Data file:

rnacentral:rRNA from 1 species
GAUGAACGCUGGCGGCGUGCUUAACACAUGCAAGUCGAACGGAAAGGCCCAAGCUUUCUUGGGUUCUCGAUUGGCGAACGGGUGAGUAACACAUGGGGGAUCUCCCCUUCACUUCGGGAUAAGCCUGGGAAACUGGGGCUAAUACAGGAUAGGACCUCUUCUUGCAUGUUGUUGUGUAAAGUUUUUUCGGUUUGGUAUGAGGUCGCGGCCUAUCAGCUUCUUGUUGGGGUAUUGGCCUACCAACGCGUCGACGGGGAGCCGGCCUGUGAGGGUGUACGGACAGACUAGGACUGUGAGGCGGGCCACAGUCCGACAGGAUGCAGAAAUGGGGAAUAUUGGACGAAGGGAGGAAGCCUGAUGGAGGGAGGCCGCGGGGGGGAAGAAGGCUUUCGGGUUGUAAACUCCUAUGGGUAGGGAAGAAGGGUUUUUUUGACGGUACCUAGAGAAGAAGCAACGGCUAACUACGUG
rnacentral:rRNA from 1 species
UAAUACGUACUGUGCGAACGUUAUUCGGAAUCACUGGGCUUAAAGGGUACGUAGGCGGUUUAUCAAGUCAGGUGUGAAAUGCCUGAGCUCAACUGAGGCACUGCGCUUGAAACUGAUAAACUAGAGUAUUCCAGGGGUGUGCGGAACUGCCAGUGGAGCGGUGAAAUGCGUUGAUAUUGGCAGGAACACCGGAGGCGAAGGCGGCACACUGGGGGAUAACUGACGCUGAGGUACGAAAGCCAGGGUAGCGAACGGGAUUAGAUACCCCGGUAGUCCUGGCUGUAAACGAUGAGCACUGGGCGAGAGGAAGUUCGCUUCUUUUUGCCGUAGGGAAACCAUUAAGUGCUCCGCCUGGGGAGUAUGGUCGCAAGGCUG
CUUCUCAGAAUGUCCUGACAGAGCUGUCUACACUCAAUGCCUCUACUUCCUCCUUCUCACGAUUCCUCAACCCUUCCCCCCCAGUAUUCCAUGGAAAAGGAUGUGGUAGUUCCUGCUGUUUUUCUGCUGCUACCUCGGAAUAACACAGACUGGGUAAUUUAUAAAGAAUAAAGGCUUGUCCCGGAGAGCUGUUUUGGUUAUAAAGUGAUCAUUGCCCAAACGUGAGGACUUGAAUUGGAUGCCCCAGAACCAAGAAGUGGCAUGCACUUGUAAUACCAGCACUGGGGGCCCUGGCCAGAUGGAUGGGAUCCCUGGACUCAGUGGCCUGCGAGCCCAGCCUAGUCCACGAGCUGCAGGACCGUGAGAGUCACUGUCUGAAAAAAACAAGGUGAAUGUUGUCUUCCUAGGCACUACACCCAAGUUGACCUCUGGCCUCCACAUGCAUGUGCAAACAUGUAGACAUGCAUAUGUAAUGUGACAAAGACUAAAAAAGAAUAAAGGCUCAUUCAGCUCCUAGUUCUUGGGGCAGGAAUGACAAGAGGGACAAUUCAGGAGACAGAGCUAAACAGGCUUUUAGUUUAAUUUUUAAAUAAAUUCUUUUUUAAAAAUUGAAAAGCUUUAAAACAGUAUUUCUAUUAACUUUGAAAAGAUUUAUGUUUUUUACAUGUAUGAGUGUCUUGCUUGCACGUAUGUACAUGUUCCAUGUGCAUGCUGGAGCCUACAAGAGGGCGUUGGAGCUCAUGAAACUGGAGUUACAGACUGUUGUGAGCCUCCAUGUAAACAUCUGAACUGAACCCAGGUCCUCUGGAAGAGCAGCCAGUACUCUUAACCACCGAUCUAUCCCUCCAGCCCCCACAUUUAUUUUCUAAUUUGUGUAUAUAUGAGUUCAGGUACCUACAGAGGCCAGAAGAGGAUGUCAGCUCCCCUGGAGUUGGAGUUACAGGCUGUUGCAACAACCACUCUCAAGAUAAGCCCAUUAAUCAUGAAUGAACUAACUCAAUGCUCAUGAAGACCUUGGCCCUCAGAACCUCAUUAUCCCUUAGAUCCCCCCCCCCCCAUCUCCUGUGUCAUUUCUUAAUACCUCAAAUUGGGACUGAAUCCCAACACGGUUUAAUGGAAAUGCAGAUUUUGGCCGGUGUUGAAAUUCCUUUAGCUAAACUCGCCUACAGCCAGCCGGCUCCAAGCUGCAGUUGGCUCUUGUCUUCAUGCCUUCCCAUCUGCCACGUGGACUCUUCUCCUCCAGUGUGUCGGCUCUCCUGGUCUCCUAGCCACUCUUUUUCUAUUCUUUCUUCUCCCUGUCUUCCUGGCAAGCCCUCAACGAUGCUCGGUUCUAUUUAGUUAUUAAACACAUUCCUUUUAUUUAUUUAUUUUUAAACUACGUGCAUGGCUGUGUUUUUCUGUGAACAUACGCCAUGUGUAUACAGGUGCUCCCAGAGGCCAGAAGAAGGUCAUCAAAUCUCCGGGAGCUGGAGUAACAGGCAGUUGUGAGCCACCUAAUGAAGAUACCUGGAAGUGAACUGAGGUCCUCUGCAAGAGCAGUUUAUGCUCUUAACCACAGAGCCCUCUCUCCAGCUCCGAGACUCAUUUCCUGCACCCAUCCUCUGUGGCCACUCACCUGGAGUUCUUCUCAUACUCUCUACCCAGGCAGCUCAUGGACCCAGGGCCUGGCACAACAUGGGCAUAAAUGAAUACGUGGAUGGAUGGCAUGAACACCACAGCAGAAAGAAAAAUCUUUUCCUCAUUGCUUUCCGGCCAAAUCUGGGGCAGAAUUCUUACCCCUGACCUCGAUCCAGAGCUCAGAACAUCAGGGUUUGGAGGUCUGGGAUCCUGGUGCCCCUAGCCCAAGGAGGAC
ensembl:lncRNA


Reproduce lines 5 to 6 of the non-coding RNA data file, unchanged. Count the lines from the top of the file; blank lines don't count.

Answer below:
CUUCUCAGAAUGUCCUGACAGAGCUGUCUACACUCAAUGCCUCUACUUCCUCCUUCUCACGAUUCCUCAACCCUUCCCCCCCAGUAUUCCAUGGAAAAGGAUGUGGUAGUUCCUGCUGUUUUUCUGCUGCUACCUCGGAAUAACACAGACUGGGUAAUUUAUAAAGAAUAAAGGCUUGUCCCGGAGAGCUGUUUUGGUUAUAAAGUGAUCAUUGCCCAAACGUGAGGACUUGAAUUGGAUGCCCCAGAACCAAGAAGUGGCAUGCACUUGUAAUACCAGCACUGGGGGCCCUGGCCAGAUGGAUGGGAUCCCUGGACUCAGUGGCCUGCGAGCCCAGCCUAGUCCACGAGCUGCAGGACCGUGAGAGUCACUGUCUGAAAAAAACAAGGUGAAUGUUGUCUUCCUAGGCACUACACCCAAGUUGACCUCUGGCCUCCACAUGCAUGUGCAAACAUGUAGACAUGCAUAUGUAAUGUGACAAAGACUAAAAAAGAAUAAAGGCUCAUUCAGCUCCUAGUUCUUGGGGCAGGAAUGACAAGAGGGACAAUUCAGGAGACAGAGCUAAACAGGCUUUUAGUUUAAUUUUUAAAUAAAUUCUUUUUUAAAAAUUGAAAAGCUUUAAAACAGUAUUUCUAUUAACUUUGAAAAGAUUUAUGUUUUUUACAUGUAUGAGUGUCUUGCUUGCACGUAUGUACAUGUUCCAUGUGCAUGCUGGAGCCUACAAGAGGGCGUUGGAGCUCAUGAAACUGGAGUUACAGACUGUUGUGAGCCUCCAUGUAAACAUCUGAACUGAACCCAGGUCCUCUGGAAGAGCAGCCAGUACUCUUAACCACCGAUCUAUCCCUCCAGCCCCCACAUUUAUUUUCUAAUUUGUGUAUAUAUGAGUUCAGGUACCUACAGAGGCCAGAAGAGGAUGUCAGCUCCCCUGGAGUUGGAGUUACAGGCUGUUGCAACAACCACUCUCAAGAUAAGCCCAUUAAUCAUGAAUGAACUAACUCAAUGCUCAUGAAGACCUUGGCCCUCAGAACCUCAUUAUCCCUUAGAUCCCCCCCCCCCCAUCUCCUGUGUCAUUUCUUAAUACCUCAAAUUGGGACUGAAUCCCAACACGGUUUAAUGGAAAUGCAGAUUUUGGCCGGUGUUGAAAUUCCUUUAGCUAAACUCGCCUACAGCCAGCCGGCUCCAAGCUGCAGUUGGCUCUUGUCUUCAUGCCUUCCCAUCUGCCACGUGGACUCUUCUCCUCCAGUGUGUCGGCUCUCCUGGUCUCCUAGCCACUCUUUUUCUAUUCUUUCUUCUCCCUGUCUUCCUGGCAAGCCCUCAACGAUGCUCGGUUCUAUUUAGUUAUUAAACACAUUCCUUUUAUUUAUUUAUUUUUAAACUACGUGCAUGGCUGUGUUUUUCUGUGAACAUACGCCAUGUGUAUACAGGUGCUCCCAGAGGCCAGAAGAAGGUCAUCAAAUCUCCGGGAGCUGGAGUAACAGGCAGUUGUGAGCCACCUAAUGAAGAUACCUGGAAGUGAACUGAGGUCCUCUGCAAGAGCAGUUUAUGCUCUUAACCACAGAGCCCUCUCUCCAGCUCCGAGACUCAUUUCCUGCACCCAUCCUCUGUGGCCACUCACCUGGAGUUCUUCUCAUACUCUCUACCCAGGCAGCUCAUGGACCCAGGGCCUGGCACAACAUGGGCAUAAAUGAAUACGUGGAUGGAUGGCAUGAACACCACAGCAGAAAGAAAAAUCUUUUCCUCAUUGCUUUCCGGCCAAAUCUGGGGCAGAAUUCUUACCCCUGACCUCGAUCCAGAGCUCAGAACAUCAGGGUUUGGAGGUCUGGGAUCCUGGUGCCCCUAGCCCAAGGAGGAC
ensembl:lncRNA